Mortgage loans hit a five-year January high

Ben Southwood
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THE NUMBER of mortgage loans rose to its highest January rate since 2008 this year, in another sign that the Funding for Lending Scheme (FLS) is boosting the housing market.

There were 38,300 home purchase loans in the first month of the year, the Council of Mortgage Lenders (CML) said yesterday, 10.7 per cent up on the same month of 2012, despite a 16.6 per cent seasonal dive between December and January.

Their total value had also soared compared with a year earlier, up 9.6 per cent to £5.7bn, again despite a seasonal crash of 17.4 per cent over the turn of the year.

“Seasonal factors clearly had an impact on lending figures in January, but it still remains the best start to a year since 2008,” said CML director general Paul Smee.

Particularly healthy was the lower end of the market, with first-time buyers securing some 24.2 per cent more loans, together worth a full quarter more than in the same month in 2012.

And the easier credit was also finding its way to the manufacturing industry, according to separate data out this morning.

All the measures of the availability of credit from EEF were positive, the manufacturing trade body said, the first time such a result has come in since the EEF’s first survey in 2007.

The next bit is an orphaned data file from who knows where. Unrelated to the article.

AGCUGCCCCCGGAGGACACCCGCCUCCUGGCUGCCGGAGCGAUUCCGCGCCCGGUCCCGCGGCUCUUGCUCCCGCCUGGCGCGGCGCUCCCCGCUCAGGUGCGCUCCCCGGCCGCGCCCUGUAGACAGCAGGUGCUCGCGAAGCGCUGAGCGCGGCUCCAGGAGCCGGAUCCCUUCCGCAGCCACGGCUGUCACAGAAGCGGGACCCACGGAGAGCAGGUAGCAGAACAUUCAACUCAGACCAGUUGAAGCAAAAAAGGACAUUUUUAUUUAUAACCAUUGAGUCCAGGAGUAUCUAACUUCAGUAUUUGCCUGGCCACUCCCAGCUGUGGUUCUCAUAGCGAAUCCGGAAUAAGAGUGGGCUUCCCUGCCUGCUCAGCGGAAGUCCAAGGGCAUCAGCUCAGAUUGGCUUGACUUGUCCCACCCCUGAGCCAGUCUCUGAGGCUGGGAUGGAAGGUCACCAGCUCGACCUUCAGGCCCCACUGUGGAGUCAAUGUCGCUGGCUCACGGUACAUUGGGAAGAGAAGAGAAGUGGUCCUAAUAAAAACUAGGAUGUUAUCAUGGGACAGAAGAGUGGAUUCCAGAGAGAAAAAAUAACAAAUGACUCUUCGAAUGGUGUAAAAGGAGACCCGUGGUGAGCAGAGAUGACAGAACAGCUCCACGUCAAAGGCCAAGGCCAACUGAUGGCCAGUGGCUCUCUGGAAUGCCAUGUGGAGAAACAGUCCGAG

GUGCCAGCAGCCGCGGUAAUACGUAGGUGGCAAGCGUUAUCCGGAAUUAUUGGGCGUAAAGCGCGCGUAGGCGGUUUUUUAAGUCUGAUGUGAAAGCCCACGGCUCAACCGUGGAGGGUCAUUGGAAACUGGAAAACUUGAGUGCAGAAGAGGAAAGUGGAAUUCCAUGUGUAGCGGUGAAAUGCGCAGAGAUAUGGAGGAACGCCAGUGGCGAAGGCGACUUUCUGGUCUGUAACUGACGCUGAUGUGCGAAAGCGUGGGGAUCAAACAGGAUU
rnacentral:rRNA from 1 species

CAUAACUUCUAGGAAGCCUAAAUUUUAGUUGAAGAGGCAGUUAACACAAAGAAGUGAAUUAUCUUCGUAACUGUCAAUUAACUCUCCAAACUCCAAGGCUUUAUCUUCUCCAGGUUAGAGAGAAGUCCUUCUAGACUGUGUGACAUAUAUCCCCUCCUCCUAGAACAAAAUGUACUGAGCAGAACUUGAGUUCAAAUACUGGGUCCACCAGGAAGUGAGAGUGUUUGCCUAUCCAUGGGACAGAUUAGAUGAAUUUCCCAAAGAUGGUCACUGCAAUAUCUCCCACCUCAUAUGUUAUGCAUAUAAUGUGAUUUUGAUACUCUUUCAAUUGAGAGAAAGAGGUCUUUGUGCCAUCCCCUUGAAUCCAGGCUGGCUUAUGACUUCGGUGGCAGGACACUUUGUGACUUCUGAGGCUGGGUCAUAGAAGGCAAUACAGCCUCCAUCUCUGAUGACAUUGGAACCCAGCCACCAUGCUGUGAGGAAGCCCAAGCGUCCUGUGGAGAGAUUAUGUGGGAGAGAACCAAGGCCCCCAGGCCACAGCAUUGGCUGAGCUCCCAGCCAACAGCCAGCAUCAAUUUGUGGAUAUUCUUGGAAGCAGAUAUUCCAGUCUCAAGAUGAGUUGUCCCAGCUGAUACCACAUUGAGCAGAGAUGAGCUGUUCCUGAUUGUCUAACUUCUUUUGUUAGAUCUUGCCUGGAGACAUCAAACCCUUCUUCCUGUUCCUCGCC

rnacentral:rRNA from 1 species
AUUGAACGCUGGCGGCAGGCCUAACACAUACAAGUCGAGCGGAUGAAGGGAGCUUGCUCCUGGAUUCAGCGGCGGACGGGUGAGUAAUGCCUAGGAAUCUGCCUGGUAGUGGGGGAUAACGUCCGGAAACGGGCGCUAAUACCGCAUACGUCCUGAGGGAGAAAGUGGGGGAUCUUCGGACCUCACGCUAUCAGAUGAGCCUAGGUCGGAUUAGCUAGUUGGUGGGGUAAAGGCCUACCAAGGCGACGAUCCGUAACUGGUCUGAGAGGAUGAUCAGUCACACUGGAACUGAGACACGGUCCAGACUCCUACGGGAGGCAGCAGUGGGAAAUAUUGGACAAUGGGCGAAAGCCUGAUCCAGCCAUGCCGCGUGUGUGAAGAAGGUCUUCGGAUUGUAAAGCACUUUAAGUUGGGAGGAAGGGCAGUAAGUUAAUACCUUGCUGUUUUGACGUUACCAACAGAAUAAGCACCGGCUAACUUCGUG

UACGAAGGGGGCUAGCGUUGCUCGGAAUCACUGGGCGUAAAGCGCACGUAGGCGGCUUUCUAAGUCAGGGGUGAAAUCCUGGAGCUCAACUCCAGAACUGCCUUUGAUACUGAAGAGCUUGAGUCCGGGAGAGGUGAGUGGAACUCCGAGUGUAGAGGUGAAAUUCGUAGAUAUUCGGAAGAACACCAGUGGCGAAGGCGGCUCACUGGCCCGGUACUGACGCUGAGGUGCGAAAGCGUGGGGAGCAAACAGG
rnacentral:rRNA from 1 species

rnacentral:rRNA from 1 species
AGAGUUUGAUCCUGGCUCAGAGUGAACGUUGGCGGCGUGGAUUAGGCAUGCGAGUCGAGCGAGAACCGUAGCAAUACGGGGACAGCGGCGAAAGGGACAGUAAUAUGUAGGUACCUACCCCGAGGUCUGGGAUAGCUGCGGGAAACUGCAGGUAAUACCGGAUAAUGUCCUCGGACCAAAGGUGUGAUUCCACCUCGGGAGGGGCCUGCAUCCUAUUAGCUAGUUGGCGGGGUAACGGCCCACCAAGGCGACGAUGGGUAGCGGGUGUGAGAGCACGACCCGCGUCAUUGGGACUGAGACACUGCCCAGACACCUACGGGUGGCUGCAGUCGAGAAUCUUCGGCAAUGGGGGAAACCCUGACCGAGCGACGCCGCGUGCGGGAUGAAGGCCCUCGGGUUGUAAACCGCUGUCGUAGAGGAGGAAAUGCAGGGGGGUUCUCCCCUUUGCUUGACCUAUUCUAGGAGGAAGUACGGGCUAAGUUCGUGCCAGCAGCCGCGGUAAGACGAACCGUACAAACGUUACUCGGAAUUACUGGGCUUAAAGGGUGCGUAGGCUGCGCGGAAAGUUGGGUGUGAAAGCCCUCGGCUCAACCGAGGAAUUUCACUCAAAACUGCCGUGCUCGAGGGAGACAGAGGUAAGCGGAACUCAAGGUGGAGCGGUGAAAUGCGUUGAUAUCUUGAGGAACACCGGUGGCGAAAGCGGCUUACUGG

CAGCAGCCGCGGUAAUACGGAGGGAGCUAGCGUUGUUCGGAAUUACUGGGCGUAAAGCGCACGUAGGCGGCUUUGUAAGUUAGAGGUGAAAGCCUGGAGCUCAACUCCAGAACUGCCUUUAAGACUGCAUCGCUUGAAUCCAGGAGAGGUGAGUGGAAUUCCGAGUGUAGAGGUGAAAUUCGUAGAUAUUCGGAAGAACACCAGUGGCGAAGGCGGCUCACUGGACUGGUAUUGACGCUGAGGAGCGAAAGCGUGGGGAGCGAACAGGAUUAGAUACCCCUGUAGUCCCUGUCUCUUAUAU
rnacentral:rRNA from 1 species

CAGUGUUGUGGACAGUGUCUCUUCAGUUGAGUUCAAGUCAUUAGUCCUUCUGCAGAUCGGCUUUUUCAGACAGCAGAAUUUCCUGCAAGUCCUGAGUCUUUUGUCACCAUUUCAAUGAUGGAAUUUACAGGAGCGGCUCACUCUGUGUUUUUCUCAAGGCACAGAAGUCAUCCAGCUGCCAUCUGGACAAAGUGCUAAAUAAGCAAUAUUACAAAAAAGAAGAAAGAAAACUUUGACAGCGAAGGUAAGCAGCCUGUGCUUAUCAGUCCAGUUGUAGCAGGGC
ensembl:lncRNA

EEF chief economist Lee Hopley said: “The UK economy desperately needs finance flowing to every viable investment opportunity possible to support growth.”

“This quarter’s survey shows an encouraging further reduction in the balance for firms reporting an increase in the overall cost of credit, and genuine improvement in the availability of credit,” she added.

Perhaps because the property market is heating up, the pace of annual rental growth accelerated in February, according to research out this morning.

The average rent in England & Wales was £731 per month in February, LSL property services said, up 3.3 per cent since the same month a year before, an acceleration in the pace of expansion compared to the 2.8 per cent growth registered in January. The capital led the pack with an average rent of £1,092, compared to just £524 in the cheapest region – the north east.